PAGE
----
Tutorial: Function classes

Overview

The standard CodeQL library for C and C++ represents functions using the Function class (see Introducing the C/C++ libraries).

The example queries in this topic explore some of the most useful library predicates for querying functions.

Finding all static functions

Using the member predicate Function.isStatic() we can list all the static functions in a database:

import cpp

from Function f
where f.isStatic()
select f, "This is a static function."

This query is very general, so there are probably too many results to be interesting for most nontrivial projects.

Finding functions that are not called

It might be more interesting to find functions that are not called, using the standard CodeQL FunctionCall class from the abstract syntax tree category (see Introducing the C/C++ libraries). The FunctionCall class can be used to identify places where a function is actually used, and it is related to Function through the FunctionCall.getTarget() predicate.

import cpp

from Function f
where not exists(FunctionCall fc | fc.getTarget() = f)
select f, "This function is never called."

See this in the query console

The new query finds functions that are not the target of any FunctionCall—in other words, functions that are never called. You may be surprised by how many results the query finds. However, if you examine the results, you can see that many of the functions it finds are used indirectly. To create a query that finds only unused functions, we need to refine the query and exclude other ways of using a function.

Excluding functions that are referenced with a function pointer

You can modify the query to remove functions where a function pointer is used to reference the function:

import cpp

from Function f
where not exists(FunctionCall fc | fc.getTarget() = f)
  and not exists(FunctionAccess fa | fa.getTarget() = f)
select f, "This function is never called, or referenced with a function pointer."

See this in the query console

This query returns fewer results. However, if you examine the results then you can probably still find potential refinements.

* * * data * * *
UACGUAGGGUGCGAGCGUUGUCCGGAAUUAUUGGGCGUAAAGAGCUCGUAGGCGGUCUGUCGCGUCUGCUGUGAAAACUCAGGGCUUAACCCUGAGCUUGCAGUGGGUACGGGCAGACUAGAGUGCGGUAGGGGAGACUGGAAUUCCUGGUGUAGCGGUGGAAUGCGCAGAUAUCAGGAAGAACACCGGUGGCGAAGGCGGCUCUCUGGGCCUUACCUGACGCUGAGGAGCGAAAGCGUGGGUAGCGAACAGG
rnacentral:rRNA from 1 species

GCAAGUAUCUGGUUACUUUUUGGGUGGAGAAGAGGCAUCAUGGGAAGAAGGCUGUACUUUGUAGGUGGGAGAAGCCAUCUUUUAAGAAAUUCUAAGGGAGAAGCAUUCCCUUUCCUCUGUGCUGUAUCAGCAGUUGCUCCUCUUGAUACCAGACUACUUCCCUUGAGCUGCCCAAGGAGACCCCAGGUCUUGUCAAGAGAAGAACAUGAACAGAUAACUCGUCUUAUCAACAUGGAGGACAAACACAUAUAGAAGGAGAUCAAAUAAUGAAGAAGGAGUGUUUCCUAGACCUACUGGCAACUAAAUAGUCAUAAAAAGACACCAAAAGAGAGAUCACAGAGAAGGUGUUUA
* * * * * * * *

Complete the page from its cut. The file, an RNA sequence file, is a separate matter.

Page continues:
For example, there is a more complicated LGTM query that finds unused static functions. To see the code for this query, click Open in query console at the top of the page.

You can explore the definition of an element in the standard libraries and see what predicates are available. Use the keyboard F3 button to open the definition of any element. Alternatively, hover over the element and click Jump to definition in the tooltip displayed. The library file is opened in a new tab with the definition highlighted.

Finding a specific function

This query uses Function and FunctionCall to find calls to the function sprintf that have a variable format string—which is potentially a security hazard.

import cpp

from FunctionCall fc
where fc.getTarget().getQualifiedName() = "sprintf"
  and not fc.getArgument(1) instanceof StringLiteral
select fc, "sprintf called with variable format string."

See this in the query console

This uses:

  • Declaration.getQualifiedName() to identify calls to the specific function sprintf.
  • FunctionCall.getArgument(1) to fetch the format string argument.

Note that we could have used Declaration.getName(), but Declaration.getQualifiedName() is a better choice because it includes the namespace. For example: getName() would return vector where getQualifiedName would return std::vector.

The LGTM version of this query is considerably more complicated, but if you look carefully you will find that its structure is the same. See Non-constant format string and click Open in query console at the top of the page.

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